The Rationale for Probiotics Improving Reproductive Health and Pregnancy Outcome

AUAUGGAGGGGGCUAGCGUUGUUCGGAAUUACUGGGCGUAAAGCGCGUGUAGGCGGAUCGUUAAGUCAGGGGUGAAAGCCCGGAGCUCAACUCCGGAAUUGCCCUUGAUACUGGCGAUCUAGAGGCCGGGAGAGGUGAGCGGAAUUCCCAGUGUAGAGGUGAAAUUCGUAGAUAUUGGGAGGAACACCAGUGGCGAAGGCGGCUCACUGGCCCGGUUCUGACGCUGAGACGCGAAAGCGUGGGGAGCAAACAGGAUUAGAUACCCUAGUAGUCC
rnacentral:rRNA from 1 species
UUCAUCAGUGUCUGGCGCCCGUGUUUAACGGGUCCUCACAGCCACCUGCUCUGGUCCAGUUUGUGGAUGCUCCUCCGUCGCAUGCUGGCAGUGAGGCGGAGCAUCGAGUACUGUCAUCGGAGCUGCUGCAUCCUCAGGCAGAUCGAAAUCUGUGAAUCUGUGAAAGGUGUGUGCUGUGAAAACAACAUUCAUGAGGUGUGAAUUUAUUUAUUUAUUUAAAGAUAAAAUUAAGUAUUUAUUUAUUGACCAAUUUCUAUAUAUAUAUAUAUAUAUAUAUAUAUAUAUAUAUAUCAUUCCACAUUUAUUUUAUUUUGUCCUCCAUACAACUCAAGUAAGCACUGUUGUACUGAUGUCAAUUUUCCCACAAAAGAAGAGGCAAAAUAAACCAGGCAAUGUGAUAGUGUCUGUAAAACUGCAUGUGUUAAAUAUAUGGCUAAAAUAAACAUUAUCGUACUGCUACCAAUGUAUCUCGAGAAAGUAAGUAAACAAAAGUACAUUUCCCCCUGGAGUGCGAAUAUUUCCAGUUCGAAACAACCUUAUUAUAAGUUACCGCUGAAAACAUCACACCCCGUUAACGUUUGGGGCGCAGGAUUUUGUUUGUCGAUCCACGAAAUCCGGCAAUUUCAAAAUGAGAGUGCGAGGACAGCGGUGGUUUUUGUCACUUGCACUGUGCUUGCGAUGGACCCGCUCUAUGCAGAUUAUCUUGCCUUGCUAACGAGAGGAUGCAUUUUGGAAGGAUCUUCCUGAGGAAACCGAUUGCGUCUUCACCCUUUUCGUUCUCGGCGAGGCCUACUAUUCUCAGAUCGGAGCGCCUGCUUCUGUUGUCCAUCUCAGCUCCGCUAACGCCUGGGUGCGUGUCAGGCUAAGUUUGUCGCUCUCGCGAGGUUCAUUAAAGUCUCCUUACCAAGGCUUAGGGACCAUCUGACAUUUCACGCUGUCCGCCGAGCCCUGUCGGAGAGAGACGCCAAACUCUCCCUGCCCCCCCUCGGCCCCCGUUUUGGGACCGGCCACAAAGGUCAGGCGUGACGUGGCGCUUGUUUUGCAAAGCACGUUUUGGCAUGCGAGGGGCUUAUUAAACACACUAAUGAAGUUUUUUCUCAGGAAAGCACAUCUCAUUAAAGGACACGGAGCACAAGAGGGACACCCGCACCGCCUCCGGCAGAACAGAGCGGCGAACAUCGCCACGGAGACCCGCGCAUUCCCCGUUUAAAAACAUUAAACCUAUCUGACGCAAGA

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The concept of local and diffuse adherence has been described for enteropathogenic Escherichia coli. In the present study, similar findings are reported for bacterial adherence to uroepithelial cells from patients with acute urinary tract infection and following incubation in an in vitro adherence assay. A population of cells were seen with few or no bacteria attached; others had localized areas of adherent organisms, while some cells were heavily colonized in a diffuse manner. These patterns were noted in vitro for an Escherichia coli strain and a Lactobacillus casei strain, which possess different adhesins, therefore indicating that the adherence patterns were probably due to epithelial cell differences. The light microscopy and scanning electron microscopy observations illustrate that bacterial adherence to uroepithelial cells occurs in localized and diffuse distributions. The results indicate that there are differences in uroepithelial cell receptivity for bacterial attachment. The availability of cells receptive to uropathogens and indigenous flora, such as lactobacilli, is probably one of several factors that influence the pathogenesis of urinary tract infections. © 1989 Springer-Verlag New York Inc.